He makes past spring to life
WILLIAM McILHENNY had no formal acting experience when Historic Philadelphia hired him more than 12 years ago to entertain tourists as a Colonial "first-person performer," playing characters like Continental Army officer William "Mad Dog" Inglesbee, brewer Robert Hare and Betsy Ross' third husband, John Claypoole.
But over the years, Benjamin Franklins and George Washingtons have taught him how to bring an 18th-century guy to life in the 21st century.
Daily News intern Matt Nestor sat down with McIlhenny to find out what it's like to wear the breeches around the historic district.
Q Do you prefer minor characters to the bigger ones like Benjamin Franklin or Betsy Ross?
As far as myself playing Benjamin Franklin, I just don't fit the character build. Plus, there's a lot of competition out there. So it seems sort of ridiculous to take that road. As far as playing Betsy Ross, I really don't quite fit in the corset.
There were about 45,000 people living in the city [circa 1776]. That really makes up what Americans were and how the country was shaped - not just a few individuals.
Q Robert Hare was a brewer. Does that get you special interest from the adults?
I get just as much interest from the adults as I do from the children, starting at 9 years old - not because they know anything about ales or porter, but in regards to the costumes. Those are things they can walk right up to and see if it's really wool, if it's really made out of leather.
Most people will say, "Is that real?" And the answer is "yes."
Q Are there are any similarities between you and Mr. Hare?
I really don't think in a matter of a few hundred years personalities change much. To be successful, to earn a living, is pretty much what I try to strive for - the same reason why Robert Hare came to Philadelphia, looking to be somewhat successful and at the same time getting himself involved in the American Revolution.
You never know from one day to the next how things are going to turn out, but you try to do your best.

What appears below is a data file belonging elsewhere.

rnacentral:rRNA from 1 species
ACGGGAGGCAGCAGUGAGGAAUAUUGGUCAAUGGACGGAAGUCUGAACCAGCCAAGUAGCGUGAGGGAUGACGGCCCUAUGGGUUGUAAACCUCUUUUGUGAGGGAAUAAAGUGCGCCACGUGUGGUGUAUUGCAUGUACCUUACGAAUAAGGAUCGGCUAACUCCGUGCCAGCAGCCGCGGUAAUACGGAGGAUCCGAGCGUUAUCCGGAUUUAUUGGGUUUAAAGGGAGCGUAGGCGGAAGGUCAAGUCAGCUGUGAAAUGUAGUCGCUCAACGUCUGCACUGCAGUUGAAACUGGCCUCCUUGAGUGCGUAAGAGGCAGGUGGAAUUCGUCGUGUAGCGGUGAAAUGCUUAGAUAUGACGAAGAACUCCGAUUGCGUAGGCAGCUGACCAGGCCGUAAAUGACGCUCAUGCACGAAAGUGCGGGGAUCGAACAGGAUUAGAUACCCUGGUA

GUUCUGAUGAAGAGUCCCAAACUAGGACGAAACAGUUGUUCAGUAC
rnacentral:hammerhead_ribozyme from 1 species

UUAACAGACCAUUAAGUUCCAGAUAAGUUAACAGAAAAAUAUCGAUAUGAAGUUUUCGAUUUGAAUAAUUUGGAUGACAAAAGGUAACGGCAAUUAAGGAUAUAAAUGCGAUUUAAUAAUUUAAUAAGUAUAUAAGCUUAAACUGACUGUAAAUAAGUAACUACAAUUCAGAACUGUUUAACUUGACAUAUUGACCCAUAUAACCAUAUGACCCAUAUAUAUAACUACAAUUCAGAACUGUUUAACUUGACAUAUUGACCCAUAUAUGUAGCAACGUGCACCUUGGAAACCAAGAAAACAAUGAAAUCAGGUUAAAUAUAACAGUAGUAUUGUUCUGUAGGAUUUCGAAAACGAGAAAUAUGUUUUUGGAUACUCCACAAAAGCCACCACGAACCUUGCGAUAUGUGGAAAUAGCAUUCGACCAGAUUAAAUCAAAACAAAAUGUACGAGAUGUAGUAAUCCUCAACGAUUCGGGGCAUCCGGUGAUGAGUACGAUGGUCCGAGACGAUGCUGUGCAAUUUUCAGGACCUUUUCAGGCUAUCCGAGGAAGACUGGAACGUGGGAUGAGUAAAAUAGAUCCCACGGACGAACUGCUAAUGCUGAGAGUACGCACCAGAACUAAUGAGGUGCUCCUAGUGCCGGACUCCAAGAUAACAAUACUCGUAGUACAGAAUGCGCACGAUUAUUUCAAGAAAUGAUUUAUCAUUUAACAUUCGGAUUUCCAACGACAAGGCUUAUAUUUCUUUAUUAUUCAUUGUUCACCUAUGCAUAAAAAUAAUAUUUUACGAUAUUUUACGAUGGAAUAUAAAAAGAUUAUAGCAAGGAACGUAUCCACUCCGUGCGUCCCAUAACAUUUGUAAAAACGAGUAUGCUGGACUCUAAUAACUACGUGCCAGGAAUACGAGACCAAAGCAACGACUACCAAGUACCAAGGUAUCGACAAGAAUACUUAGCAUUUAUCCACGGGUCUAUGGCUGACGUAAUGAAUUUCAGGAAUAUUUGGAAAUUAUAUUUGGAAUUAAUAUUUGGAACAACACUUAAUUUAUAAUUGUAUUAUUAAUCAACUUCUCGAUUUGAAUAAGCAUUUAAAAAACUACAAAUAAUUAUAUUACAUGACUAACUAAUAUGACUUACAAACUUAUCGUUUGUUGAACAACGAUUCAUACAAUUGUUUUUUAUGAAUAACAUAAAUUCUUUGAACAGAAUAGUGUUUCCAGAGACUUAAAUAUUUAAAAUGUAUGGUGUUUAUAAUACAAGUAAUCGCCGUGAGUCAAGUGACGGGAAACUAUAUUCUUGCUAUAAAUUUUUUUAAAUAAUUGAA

Q Do you and the other re-enactors hang out?
Yes. You develop a relationship with your co-workers. We share a really strong interest in a particular time period. It might be a little nerdy, actually.
There's been times when we have all gotten together and gone to Maryland, drove three hours down and three hours back, spending six hours at a - we'll call it a "trade show."
We would spend all day buying things for our costumes, adding those small little details at our own expense, and then the whole way back in the car showing each other, "Oh, look at this really cool triangle hat I just bought." So that's a little dorky.
Q Have you ever accidentally spoken in character when you weren't in character?
Yes. Absolutely. Usually it happens within five to 20 minutes after you get out of your costume, after you hit the streets.
You're walking down the street and people are passing you - maybe families, school groups - and you look over at them, you give them a big smile, you nod, you say, "Good day to you!"
You catch yourself sort of doing that.
Q Would you rather live in 1794 or 2014?
I think I've lived both. I'm not one to believe in reincarnation, but a very quick story:
Occasionally I'll find myself working down at the Betsy Ross House, either playing John Claypoole or out in the courtyard maybe repairing a pair of breeches.
About three or four years ago, the curator came out and she had a copy of an Inquirer. It was dated about 1890s, and she goes, "You're going to love this."
The Inquirer article was about, who was Betsy Ross? Did she really live here at 239 Arch St.? And it pointed out that she rented.
The second person that moved in after Betsy Ross moved out was a William McIlhenny, spelled exactly the same way. He was a tailor, and here I am in 18th-century garb mending garments and my name is McIlhenny.
I travel to work from New Jersey, stop at the BP Betsy Ross gas station, go over the Betsy Ross Bridge and then work in the Betsy Ross courtyard. That's kind of weird.